Senior judge praises Faculty’s pro bono scheme



A senior judge has gone on record to applaud a free Faculty of Advocates scheme which helps claimants at hearings of the Employment Appeal Tribunal (EAT).

Mr Justice Langstaff, president of the EAT, said that pro bono representation had operated successfully for some years in its London office, and was now available in Scotland.

He thanked Lady Stacey, the Scottish judge of the EAT when the scheme started, and Mungo Bovey QC, and Brian Napier QC, of the Faculty’s Free Legal Services Unit (FLSU) for organising the service.

Writing in the Senior President of Tribunals’ Annual Report 2016, Mr Justice Langstaff said: “Amongst courts dealing with party and party disputes, the EAT has very considerable – if, indeed, not pre-eminent – experience in assisting litigants in person, and those professionals who give their time so freely and reliably to assist them where it is desired deserve praise.”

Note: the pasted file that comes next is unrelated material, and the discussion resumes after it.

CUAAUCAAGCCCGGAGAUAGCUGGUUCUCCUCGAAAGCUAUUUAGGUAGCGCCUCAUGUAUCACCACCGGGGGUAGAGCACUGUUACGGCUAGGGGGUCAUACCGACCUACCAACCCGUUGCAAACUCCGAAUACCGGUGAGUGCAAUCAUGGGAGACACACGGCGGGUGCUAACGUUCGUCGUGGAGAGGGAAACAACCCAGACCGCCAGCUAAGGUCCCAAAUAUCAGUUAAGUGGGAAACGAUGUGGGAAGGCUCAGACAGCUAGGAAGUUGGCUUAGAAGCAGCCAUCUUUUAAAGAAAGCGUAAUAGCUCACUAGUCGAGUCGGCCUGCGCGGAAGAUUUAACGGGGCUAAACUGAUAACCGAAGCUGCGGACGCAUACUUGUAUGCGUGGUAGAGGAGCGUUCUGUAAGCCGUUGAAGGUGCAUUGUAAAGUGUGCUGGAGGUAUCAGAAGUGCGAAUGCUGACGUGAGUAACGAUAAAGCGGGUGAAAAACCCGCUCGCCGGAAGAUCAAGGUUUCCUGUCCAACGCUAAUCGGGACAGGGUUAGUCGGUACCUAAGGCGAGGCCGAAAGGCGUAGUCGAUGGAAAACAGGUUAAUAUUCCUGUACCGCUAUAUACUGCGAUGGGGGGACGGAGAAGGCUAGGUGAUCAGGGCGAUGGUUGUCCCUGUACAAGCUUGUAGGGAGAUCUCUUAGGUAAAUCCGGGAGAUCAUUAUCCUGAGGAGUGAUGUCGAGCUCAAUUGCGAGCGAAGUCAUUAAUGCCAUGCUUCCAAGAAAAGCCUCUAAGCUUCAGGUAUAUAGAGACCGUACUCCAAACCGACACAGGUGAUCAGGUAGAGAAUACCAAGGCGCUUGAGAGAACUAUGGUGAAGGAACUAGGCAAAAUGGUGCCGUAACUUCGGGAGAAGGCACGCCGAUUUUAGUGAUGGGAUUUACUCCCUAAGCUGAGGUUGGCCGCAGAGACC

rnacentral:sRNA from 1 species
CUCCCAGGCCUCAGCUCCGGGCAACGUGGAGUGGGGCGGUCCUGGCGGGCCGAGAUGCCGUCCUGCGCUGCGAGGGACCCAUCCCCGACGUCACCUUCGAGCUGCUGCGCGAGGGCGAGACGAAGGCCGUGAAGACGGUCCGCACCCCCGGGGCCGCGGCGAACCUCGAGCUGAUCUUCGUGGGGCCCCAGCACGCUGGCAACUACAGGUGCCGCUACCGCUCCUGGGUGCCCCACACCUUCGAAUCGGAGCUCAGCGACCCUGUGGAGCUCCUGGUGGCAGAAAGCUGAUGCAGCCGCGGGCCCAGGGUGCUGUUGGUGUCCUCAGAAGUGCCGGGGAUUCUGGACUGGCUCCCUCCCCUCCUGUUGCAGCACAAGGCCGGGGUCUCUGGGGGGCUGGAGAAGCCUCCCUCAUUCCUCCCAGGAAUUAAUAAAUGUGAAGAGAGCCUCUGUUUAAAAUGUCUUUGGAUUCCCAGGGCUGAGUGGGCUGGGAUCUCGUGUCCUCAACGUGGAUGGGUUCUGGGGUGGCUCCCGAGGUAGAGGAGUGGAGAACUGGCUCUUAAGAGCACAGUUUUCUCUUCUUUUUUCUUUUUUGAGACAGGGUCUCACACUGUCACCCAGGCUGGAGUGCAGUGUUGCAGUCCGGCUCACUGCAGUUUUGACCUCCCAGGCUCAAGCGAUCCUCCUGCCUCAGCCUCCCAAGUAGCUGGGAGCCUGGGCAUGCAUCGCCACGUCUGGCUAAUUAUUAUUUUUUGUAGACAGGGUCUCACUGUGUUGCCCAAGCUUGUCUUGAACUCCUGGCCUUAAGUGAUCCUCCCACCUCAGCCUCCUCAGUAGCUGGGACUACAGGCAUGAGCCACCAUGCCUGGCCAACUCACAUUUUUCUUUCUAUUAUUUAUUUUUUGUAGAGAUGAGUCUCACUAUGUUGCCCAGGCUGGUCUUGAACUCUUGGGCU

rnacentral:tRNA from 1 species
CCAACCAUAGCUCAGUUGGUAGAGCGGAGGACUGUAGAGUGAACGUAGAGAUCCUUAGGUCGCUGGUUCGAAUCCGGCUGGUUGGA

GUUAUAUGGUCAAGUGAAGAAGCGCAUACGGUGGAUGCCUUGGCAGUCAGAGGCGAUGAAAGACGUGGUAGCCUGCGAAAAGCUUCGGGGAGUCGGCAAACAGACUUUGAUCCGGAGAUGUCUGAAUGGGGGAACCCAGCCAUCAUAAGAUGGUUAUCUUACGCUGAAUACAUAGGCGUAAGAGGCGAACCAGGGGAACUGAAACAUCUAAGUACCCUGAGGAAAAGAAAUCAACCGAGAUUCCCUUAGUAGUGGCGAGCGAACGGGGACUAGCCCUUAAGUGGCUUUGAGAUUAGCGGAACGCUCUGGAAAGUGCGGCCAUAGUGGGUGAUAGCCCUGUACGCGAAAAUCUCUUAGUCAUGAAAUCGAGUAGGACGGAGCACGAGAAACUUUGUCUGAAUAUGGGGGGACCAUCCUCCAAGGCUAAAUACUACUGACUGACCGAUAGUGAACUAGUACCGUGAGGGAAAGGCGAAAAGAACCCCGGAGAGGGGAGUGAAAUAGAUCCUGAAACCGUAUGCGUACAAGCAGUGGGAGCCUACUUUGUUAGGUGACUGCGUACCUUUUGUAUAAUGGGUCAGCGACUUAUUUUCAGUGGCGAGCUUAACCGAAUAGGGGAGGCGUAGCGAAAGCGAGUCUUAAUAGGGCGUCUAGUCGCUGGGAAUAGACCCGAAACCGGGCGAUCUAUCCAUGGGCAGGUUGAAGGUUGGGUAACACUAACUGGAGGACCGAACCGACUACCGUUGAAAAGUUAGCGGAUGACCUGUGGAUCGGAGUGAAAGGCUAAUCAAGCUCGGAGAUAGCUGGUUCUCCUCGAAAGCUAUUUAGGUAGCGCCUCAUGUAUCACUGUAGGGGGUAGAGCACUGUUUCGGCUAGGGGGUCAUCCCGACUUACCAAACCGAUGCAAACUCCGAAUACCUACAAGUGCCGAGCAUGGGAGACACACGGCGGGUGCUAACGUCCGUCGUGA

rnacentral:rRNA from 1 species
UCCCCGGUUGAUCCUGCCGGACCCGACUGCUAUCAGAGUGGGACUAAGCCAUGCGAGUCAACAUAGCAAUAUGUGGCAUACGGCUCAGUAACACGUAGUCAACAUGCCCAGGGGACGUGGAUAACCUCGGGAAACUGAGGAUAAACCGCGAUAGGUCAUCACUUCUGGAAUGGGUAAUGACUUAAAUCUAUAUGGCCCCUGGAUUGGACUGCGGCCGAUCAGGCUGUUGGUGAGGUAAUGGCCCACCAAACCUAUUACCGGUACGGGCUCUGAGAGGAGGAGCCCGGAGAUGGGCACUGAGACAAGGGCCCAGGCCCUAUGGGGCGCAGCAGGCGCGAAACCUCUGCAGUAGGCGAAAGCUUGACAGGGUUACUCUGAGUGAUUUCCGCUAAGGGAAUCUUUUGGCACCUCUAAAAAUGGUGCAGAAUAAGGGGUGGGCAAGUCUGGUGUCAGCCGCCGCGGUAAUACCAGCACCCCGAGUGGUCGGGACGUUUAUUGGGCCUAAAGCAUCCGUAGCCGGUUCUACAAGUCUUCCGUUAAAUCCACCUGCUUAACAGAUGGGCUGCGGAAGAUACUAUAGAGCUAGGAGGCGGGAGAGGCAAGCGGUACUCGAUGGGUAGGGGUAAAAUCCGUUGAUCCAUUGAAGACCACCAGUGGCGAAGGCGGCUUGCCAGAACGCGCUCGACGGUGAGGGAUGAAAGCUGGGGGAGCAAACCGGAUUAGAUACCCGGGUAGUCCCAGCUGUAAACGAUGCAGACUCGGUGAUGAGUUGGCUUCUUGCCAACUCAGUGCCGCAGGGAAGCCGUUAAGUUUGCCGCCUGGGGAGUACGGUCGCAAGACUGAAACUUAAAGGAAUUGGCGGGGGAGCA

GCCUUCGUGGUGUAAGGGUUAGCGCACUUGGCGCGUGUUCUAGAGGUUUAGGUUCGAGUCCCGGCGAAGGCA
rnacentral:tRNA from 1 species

The scheme is for people who have lost in the employment tribunal and whose application for permission to appeal has been refused. They are given a second chance to get that permission in a short oral hearing before the EAT judge.

For many, it can prove a daunting experience if they do not have legal assistance and have to appear on their own behalf. Through the FLSU, a volunteer advocate can be provided to ensure that the best possible argument is presented to the EAT judge.

Mr Bovey, FLSU convenor, said: “I am pleased that the Faculty has been able to work with the Tribunal to address this unmet need. We are grateful to those advocates who have given their time to this worthwhile project with our Free Legal Services Unit.”